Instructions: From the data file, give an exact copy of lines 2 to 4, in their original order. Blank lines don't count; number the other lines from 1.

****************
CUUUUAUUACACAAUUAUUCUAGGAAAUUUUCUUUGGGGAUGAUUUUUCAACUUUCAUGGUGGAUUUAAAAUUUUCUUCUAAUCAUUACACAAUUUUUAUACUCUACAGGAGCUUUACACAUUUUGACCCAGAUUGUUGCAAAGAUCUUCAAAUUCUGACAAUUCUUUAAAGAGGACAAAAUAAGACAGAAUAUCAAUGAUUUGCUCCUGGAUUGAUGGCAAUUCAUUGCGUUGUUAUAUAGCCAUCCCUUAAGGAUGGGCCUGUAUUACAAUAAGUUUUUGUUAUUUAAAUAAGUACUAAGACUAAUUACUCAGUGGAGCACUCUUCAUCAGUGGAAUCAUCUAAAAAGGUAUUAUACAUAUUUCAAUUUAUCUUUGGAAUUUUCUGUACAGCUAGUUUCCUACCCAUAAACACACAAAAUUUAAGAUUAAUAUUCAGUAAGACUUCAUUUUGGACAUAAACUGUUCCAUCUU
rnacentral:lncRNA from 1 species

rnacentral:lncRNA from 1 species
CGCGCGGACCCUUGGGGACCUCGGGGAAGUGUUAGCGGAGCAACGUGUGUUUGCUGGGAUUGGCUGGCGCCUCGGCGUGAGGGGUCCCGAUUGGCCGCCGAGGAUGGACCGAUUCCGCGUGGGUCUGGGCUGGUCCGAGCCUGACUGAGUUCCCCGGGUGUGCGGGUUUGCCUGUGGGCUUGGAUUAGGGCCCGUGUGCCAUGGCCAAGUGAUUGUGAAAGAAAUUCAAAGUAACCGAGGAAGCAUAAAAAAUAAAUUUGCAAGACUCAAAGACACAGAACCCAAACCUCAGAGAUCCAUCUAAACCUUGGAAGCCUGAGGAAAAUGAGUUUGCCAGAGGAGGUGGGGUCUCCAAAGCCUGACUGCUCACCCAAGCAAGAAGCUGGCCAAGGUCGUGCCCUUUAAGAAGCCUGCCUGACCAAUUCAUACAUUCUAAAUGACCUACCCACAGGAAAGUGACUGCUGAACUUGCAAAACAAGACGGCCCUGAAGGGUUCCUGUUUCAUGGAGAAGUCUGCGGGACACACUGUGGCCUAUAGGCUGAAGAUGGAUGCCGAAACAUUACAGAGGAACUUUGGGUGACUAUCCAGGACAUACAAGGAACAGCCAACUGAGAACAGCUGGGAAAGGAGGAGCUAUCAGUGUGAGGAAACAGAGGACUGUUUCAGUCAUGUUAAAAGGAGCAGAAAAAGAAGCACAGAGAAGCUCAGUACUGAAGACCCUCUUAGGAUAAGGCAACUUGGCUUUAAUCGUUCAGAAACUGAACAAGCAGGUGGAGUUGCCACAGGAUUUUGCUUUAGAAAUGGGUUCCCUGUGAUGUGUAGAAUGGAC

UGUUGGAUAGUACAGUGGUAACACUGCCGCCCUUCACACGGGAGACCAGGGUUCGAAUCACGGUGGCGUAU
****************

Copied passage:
rnacentral:lncRNA from 1 species

rnacentral:lncRNA from 1 species
CGCGCGGACCCUUGGGGACCUCGGGGAAGUGUUAGCGGAGCAACGUGUGUUUGCUGGGAUUGGCUGGCGCCUCGGCGUGAGGGGUCCCGAUUGGCCGCCGAGGAUGGACCGAUUCCGCGUGGGUCUGGGCUGGUCCGAGCCUGACUGAGUUCCCCGGGUGUGCGGGUUUGCCUGUGGGCUUGGAUUAGGGCCCGUGUGCCAUGGCCAAGUGAUUGUGAAAGAAAUUCAAAGUAACCGAGGAAGCAUAAAAAAUAAAUUUGCAAGACUCAAAGACACAGAACCCAAACCUCAGAGAUCCAUCUAAACCUUGGAAGCCUGAGGAAAAUGAGUUUGCCAGAGGAGGUGGGGUCUCCAAAGCCUGACUGCUCACCCAAGCAAGAAGCUGGCCAAGGUCGUGCCCUUUAAGAAGCCUGCCUGACCAAUUCAUACAUUCUAAAUGACCUACCCACAGGAAAGUGACUGCUGAACUUGCAAAACAAGACGGCCCUGAAGGGUUCCUGUUUCAUGGAGAAGUCUGCGGGACACACUGUGGCCUAUAGGCUGAAGAUGGAUGCCGAAACAUUACAGAGGAACUUUGGGUGACUAUCCAGGACAUACAAGGAACAGCCAACUGAGAACAGCUGGGAAAGGAGGAGCUAUCAGUGUGAGGAAACAGAGGACUGUUUCAGUCAUGUUAAAAGGAGCAGAAAAAGAAGCACAGAGAAGCUCAGUACUGAAGACCCUCUUAGGAUAAGGCAACUUGGCUUUAAUCGUUCAGAAACUGAACAAGCAGGUGGAGUUGCCACAGGAUUUUGCUUUAGAAAUGGGUUCCCUGUGAUGUGUAGAAUGGAC